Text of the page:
Stag Beetles in Suffolk

Saturday 20th June 2015

My Wild Life is a weekly column running each Saturday throughout 2015 in the East Anglian Daily Times. Each week it features stories of action for local wildlife

Few British insects are quite as impressive and distinctive as the stag beetle. The spectacular male, with its huge antler-like jaws, is our largest and most conspicuous beetle. This is the time of year to look out for them; the iconic males will be flying on warm summer evenings at dusk in search of females. At the same time, females, which lack the formidable-looking jaws of the male, will be on the ground, where they will be emitting sex pheromones to attract the males.

Stag beetles are in serious decline across Europe due to habitat loss. In Britain the beetle is mostly confined to the warmer, drier, south east of England and is classed as near threatened, again due to habitat loss and populations becoming isolated. In Suffolk the beetle is largely confined to the south east of the county in an area between the rivers Deben and Stour. Earlier surveys have shown that there are significant colonies in Woodbridge, Ipswich, Hadleigh and Nayland and at a number of sites across the Felixstowe and Shotley peninsulas. Further surveys will help plot their distribution in greater detail as well as give information about any changes that have taken place.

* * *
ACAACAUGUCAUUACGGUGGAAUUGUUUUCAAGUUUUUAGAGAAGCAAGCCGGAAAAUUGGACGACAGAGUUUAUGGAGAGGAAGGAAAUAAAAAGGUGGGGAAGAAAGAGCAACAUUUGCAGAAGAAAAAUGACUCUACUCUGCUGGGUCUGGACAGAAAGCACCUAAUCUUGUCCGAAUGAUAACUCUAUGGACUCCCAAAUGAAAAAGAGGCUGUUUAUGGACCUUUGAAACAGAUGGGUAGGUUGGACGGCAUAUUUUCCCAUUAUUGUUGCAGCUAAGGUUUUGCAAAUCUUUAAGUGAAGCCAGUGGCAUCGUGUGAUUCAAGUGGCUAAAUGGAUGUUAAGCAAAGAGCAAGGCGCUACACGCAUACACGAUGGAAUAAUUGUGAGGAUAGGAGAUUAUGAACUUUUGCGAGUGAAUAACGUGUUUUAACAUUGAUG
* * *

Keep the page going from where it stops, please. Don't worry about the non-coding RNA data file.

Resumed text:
How you can help: loss of habitat is the main threat to the lives of stag beetles. The larvae depend solely on a diet of subterranean, decaying wood of broad-leaved trees, which disappears if stumps and roots are removed after a tree has died. Wherever possible, retain dead stumps and provide additional habitat by burying logs vertically in the ground to create Stepping stones for stag beetles to move to new egg-laying sites.

 

Report your stag beetle sightings via the recording forms on the websites: www.sns.org or www.suffolkwildlifetrust.org.

Forthcoming events with Suffolk Wildlife Trust:

Guided Walk: Butterflies

Sunday 21 June, 2:00pm - 4:00pm

Venue: Bradfield Woods, Felsham Road, Bradfield St George

 

Wild Woods pop-up cafe at Bradfield Woods

Sun day 21 June, 10:00am - 4:00pm

Venue: Bradfield Woods, the Wild Woods pop-up cafe is open for coffee and cakes in the Bradfield Woods green oak centre

 

Evening walk for nightjars and glow worms

Friday 26 June, 9:30pm - 10:30pm

Venue: Blaxhall Heath and Common

Wildlife walk with Woodbridge Wildlife Group, no need to book

 

Tagged with: Species, Heritage Lottery Fund, My Wild Life, Volunteering